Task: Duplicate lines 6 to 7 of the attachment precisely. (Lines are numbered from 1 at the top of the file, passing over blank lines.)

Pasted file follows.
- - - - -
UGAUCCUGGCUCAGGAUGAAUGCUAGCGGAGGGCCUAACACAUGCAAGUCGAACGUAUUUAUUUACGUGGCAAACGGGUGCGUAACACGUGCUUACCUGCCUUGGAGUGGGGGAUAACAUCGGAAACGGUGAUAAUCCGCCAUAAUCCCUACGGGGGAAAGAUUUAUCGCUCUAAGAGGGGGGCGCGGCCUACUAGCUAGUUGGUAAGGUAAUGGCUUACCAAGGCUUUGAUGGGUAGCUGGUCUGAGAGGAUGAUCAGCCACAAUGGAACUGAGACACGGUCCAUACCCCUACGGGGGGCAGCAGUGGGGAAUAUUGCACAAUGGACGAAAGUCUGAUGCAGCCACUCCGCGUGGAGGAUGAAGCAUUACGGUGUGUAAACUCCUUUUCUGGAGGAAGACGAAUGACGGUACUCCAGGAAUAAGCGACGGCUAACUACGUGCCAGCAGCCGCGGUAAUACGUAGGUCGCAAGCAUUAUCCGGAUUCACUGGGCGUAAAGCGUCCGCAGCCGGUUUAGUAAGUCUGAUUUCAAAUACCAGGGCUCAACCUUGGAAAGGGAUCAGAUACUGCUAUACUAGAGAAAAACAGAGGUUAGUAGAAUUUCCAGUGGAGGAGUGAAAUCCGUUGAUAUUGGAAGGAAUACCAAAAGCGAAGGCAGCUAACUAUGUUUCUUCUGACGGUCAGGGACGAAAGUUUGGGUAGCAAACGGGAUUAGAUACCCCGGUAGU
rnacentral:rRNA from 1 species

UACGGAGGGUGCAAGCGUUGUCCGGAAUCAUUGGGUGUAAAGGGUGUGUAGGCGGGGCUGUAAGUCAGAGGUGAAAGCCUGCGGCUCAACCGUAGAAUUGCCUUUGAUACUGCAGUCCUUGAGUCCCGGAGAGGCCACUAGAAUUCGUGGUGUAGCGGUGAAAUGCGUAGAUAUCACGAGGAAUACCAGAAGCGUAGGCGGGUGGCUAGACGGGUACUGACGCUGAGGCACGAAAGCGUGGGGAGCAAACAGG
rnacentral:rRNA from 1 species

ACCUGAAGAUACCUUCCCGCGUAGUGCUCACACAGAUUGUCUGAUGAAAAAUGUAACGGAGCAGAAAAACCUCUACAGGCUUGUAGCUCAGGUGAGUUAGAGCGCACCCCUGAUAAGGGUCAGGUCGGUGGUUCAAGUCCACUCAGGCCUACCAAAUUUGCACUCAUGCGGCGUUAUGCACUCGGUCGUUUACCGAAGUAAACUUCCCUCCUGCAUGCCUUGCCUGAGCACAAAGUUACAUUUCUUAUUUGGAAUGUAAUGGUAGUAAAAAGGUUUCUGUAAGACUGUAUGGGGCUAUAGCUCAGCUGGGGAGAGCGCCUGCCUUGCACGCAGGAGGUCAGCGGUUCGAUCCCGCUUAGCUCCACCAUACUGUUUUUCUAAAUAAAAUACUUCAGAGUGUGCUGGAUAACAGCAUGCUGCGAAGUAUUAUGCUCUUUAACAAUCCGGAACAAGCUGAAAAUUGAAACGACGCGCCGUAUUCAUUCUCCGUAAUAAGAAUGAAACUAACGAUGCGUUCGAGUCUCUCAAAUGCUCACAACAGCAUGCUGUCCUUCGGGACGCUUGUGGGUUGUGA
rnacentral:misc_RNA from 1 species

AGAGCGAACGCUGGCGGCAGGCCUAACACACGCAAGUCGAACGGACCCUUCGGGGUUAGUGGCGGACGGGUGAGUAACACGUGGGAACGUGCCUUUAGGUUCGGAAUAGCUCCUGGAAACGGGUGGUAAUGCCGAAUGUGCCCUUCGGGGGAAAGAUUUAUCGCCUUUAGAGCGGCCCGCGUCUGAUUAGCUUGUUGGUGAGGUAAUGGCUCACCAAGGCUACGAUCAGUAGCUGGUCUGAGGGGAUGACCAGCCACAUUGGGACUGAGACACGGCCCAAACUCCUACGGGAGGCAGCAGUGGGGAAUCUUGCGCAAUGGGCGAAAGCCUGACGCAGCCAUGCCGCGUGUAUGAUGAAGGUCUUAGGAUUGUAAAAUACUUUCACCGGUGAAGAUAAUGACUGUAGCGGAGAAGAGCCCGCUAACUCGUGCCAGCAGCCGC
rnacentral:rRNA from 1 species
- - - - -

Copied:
rnacentral:misc_RNA from 1 species

AGAGCGAACGCUGGCGGCAGGCCUAACACACGCAAGUCGAACGGACCCUUCGGGGUUAGUGGCGGACGGGUGAGUAACACGUGGGAACGUGCCUUUAGGUUCGGAAUAGCUCCUGGAAACGGGUGGUAAUGCCGAAUGUGCCCUUCGGGGGAAAGAUUUAUCGCCUUUAGAGCGGCCCGCGUCUGAUUAGCUUGUUGGUGAGGUAAUGGCUCACCAAGGCUACGAUCAGUAGCUGGUCUGAGGGGAUGACCAGCCACAUUGGGACUGAGACACGGCCCAAACUCCUACGGGAGGCAGCAGUGGGGAAUCUUGCGCAAUGGGCGAAAGCCUGACGCAGCCAUGCCGCGUGUAUGAUGAAGGUCUUAGGAUUGUAAAAUACUUUCACCGGUGAAGAUAAUGACUGUAGCGGAGAAGAGCCCGCUAACUCGUGCCAGCAGCCGC